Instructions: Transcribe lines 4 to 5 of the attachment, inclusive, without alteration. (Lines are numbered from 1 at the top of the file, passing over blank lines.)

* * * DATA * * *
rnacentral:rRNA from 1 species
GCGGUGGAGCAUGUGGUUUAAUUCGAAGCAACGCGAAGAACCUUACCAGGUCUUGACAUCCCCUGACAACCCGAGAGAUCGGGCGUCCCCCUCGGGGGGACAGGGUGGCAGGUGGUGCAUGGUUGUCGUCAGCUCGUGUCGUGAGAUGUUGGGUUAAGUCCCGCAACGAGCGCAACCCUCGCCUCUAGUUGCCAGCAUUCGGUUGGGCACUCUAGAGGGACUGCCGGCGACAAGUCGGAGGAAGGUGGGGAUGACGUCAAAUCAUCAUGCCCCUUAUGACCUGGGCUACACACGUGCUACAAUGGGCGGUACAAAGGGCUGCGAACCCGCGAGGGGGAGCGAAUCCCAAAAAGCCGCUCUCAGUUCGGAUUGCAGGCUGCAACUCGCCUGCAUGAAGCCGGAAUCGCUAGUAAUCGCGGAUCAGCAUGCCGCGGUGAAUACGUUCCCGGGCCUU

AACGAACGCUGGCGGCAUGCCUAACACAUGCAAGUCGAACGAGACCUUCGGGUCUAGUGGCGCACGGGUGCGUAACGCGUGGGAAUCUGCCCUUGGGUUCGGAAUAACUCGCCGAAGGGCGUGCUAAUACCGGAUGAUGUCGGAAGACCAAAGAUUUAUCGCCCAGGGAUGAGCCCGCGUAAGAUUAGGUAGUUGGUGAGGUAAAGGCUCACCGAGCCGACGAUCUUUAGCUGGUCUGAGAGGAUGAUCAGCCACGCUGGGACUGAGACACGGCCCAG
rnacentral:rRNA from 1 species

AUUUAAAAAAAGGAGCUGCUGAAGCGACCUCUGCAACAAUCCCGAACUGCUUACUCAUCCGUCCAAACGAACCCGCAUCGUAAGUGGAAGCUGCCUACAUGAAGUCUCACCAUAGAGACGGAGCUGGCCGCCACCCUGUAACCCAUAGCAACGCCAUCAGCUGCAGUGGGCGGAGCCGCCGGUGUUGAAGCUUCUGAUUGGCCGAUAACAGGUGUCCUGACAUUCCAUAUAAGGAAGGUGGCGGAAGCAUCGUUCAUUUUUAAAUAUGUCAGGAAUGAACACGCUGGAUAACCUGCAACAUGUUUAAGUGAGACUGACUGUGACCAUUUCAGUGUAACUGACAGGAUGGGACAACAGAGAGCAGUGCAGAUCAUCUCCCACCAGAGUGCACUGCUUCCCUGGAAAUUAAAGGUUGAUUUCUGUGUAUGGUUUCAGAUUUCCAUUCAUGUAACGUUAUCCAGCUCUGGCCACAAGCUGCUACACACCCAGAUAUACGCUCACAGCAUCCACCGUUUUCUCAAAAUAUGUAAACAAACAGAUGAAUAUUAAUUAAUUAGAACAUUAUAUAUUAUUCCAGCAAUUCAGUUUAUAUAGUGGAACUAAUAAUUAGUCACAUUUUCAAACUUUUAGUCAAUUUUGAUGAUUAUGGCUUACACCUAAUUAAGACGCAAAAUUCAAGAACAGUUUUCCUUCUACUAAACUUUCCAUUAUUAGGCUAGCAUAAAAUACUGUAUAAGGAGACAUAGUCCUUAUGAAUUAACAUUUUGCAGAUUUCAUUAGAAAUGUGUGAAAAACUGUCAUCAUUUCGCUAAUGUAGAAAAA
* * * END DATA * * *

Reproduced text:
rnacentral:rRNA from 1 species

AUUUAAAAAAAGGAGCUGCUGAAGCGACCUCUGCAACAAUCCCGAACUGCUUACUCAUCCGUCCAAACGAACCCGCAUCGUAAGUGGAAGCUGCCUACAUGAAGUCUCACCAUAGAGACGGAGCUGGCCGCCACCCUGUAACCCAUAGCAACGCCAUCAGCUGCAGUGGGCGGAGCCGCCGGUGUUGAAGCUUCUGAUUGGCCGAUAACAGGUGUCCUGACAUUCCAUAUAAGGAAGGUGGCGGAAGCAUCGUUCAUUUUUAAAUAUGUCAGGAAUGAACACGCUGGAUAACCUGCAACAUGUUUAAGUGAGACUGACUGUGACCAUUUCAGUGUAACUGACAGGAUGGGACAACAGAGAGCAGUGCAGAUCAUCUCCCACCAGAGUGCACUGCUUCCCUGGAAAUUAAAGGUUGAUUUCUGUGUAUGGUUUCAGAUUUCCAUUCAUGUAACGUUAUCCAGCUCUGGCCACAAGCUGCUACACACCCAGAUAUACGCUCACAGCAUCCACCGUUUUCUCAAAAUAUGUAAACAAACAGAUGAAUAUUAAUUAAUUAGAACAUUAUAUAUUAUUCCAGCAAUUCAGUUUAUAUAGUGGAACUAAUAAUUAGUCACAUUUUCAAACUUUUAGUCAAUUUUGAUGAUUAUGGCUUACACCUAAUUAAGACGCAAAAUUCAAGAACAGUUUUCCUUCUACUAAACUUUCCAUUAUUAGGCUAGCAUAAAAUACUGUAUAAGGAGACAUAGUCCUUAUGAAUUAACAUUUUGCAGAUUUCAUUAGAAAUGUGUGAAAAACUGUCAUCAUUUCGCUAAUGUAGAAAAA